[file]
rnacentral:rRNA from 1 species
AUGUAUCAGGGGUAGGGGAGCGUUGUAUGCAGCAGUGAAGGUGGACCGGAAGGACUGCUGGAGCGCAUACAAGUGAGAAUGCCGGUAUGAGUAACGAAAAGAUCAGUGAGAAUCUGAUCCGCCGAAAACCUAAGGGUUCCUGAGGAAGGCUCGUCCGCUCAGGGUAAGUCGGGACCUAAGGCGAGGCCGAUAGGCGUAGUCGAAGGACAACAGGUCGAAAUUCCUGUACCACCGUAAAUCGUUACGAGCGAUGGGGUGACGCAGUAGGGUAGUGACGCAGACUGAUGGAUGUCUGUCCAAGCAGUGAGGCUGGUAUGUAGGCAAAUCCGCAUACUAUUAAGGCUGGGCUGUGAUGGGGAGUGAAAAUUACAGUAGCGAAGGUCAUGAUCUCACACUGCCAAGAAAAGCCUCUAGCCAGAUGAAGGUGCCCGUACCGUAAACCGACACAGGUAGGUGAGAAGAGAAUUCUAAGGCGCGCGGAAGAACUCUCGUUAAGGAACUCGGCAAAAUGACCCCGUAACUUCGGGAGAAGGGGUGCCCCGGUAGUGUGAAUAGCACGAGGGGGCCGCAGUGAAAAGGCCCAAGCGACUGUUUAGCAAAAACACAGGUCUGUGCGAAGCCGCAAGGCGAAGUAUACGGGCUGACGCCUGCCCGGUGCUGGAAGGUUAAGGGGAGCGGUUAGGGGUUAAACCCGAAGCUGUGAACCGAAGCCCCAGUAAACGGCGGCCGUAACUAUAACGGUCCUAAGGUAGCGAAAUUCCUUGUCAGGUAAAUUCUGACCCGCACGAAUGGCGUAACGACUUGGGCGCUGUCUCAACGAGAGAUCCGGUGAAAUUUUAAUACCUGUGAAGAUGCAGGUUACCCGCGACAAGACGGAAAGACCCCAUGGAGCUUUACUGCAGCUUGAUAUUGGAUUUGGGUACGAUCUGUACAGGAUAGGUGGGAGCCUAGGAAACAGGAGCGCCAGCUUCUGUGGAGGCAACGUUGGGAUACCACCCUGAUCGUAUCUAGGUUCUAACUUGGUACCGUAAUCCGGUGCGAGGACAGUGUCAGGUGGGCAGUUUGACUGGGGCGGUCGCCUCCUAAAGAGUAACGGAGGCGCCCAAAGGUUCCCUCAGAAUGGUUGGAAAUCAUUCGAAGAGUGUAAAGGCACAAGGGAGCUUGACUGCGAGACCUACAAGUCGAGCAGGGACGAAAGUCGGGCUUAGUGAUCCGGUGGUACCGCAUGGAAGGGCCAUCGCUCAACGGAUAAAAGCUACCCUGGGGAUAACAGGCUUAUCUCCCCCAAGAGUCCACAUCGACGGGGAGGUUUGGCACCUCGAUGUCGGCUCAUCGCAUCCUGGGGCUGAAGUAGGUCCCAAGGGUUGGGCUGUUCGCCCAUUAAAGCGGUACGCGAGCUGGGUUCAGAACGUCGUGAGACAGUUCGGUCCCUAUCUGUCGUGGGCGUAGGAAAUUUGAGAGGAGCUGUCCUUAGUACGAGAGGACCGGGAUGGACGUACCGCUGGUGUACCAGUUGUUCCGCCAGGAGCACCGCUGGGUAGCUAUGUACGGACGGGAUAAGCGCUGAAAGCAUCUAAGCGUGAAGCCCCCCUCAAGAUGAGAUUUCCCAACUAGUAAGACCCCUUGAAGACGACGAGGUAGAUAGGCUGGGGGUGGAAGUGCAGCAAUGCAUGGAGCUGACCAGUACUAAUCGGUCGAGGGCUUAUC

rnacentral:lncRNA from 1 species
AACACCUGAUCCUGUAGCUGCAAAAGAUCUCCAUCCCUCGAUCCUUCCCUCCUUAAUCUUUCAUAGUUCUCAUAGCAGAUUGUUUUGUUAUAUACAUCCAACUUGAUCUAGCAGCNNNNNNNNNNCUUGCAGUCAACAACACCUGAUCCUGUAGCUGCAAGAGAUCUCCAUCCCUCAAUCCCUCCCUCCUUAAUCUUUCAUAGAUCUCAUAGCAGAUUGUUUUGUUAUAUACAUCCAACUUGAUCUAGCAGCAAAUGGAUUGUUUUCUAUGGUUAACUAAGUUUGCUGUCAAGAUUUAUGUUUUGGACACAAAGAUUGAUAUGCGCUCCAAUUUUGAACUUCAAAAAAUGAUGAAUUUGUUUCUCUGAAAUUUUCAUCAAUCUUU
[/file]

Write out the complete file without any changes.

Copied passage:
rnacentral:rRNA from 1 species
AUGUAUCAGGGGUAGGGGAGCGUUGUAUGCAGCAGUGAAGGUGGACCGGAAGGACUGCUGGAGCGCAUACAAGUGAGAAUGCCGGUAUGAGUAACGAAAAGAUCAGUGAGAAUCUGAUCCGCCGAAAACCUAAGGGUUCCUGAGGAAGGCUCGUCCGCUCAGGGUAAGUCGGGACCUAAGGCGAGGCCGAUAGGCGUAGUCGAAGGACAACAGGUCGAAAUUCCUGUACCACCGUAAAUCGUUACGAGCGAUGGGGUGACGCAGUAGGGUAGUGACGCAGACUGAUGGAUGUCUGUCCAAGCAGUGAGGCUGGUAUGUAGGCAAAUCCGCAUACUAUUAAGGCUGGGCUGUGAUGGGGAGUGAAAAUUACAGUAGCGAAGGUCAUGAUCUCACACUGCCAAGAAAAGCCUCUAGCCAGAUGAAGGUGCCCGUACCGUAAACCGACACAGGUAGGUGAGAAGAGAAUUCUAAGGCGCGCGGAAGAACUCUCGUUAAGGAACUCGGCAAAAUGACCCCGUAACUUCGGGAGAAGGGGUGCCCCGGUAGUGUGAAUAGCACGAGGGGGCCGCAGUGAAAAGGCCCAAGCGACUGUUUAGCAAAAACACAGGUCUGUGCGAAGCCGCAAGGCGAAGUAUACGGGCUGACGCCUGCCCGGUGCUGGAAGGUUAAGGGGAGCGGUUAGGGGUUAAACCCGAAGCUGUGAACCGAAGCCCCAGUAAACGGCGGCCGUAACUAUAACGGUCCUAAGGUAGCGAAAUUCCUUGUCAGGUAAAUUCUGACCCGCACGAAUGGCGUAACGACUUGGGCGCUGUCUCAACGAGAGAUCCGGUGAAAUUUUAAUACCUGUGAAGAUGCAGGUUACCCGCGACAAGACGGAAAGACCCCAUGGAGCUUUACUGCAGCUUGAUAUUGGAUUUGGGUACGAUCUGUACAGGAUAGGUGGGAGCCUAGGAAACAGGAGCGCCAGCUUCUGUGGAGGCAACGUUGGGAUACCACCCUGAUCGUAUCUAGGUUCUAACUUGGUACCGUAAUCCGGUGCGAGGACAGUGUCAGGUGGGCAGUUUGACUGGGGCGGUCGCCUCCUAAAGAGUAACGGAGGCGCCCAAAGGUUCCCUCAGAAUGGUUGGAAAUCAUUCGAAGAGUGUAAAGGCACAAGGGAGCUUGACUGCGAGACCUACAAGUCGAGCAGGGACGAAAGUCGGGCUUAGUGAUCCGGUGGUACCGCAUGGAAGGGCCAUCGCUCAACGGAUAAAAGCUACCCUGGGGAUAACAGGCUUAUCUCCCCCAAGAGUCCACAUCGACGGGGAGGUUUGGCACCUCGAUGUCGGCUCAUCGCAUCCUGGGGCUGAAGUAGGUCCCAAGGGUUGGGCUGUUCGCCCAUUAAAGCGGUACGCGAGCUGGGUUCAGAACGUCGUGAGACAGUUCGGUCCCUAUCUGUCGUGGGCGUAGGAAAUUUGAGAGGAGCUGUCCUUAGUACGAGAGGACCGGGAUGGACGUACCGCUGGUGUACCAGUUGUUCCGCCAGGAGCACCGCUGGGUAGCUAUGUACGGACGGGAUAAGCGCUGAAAGCAUCUAAGCGUGAAGCCCCCCUCAAGAUGAGAUUUCCCAACUAGUAAGACCCCUUGAAGACGACGAGGUAGAUAGGCUGGGGGUGGAAGUGCAGCAAUGCAUGGAGCUGACCAGUACUAAUCGGUCGAGGGCUUAUC

rnacentral:lncRNA from 1 species
AACACCUGAUCCUGUAGCUGCAAAAGAUCUCCAUCCCUCGAUCCUUCCCUCCUUAAUCUUUCAUAGUUCUCAUAGCAGAUUGUUUUGUUAUAUACAUCCAACUUGAUCUAGCAGCNNNNNNNNNNCUUGCAGUCAACAACACCUGAUCCUGUAGCUGCAAGAGAUCUCCAUCCCUCAAUCCCUCCCUCCUUAAUCUUUCAUAGAUCUCAUAGCAGAUUGUUUUGUUAUAUACAUCCAACUUGAUCUAGCAGCAAAUGGAUUGUUUUCUAUGGUUAACUAAGUUUGCUGUCAAGAUUUAUGUUUUGGACACAAAGAUUGAUAUGCGCUCCAAUUUUGAACUUCAAAAAAUGAUGAAUUUGUUUCUCUGAAAUUUUCAUCAAUCUUU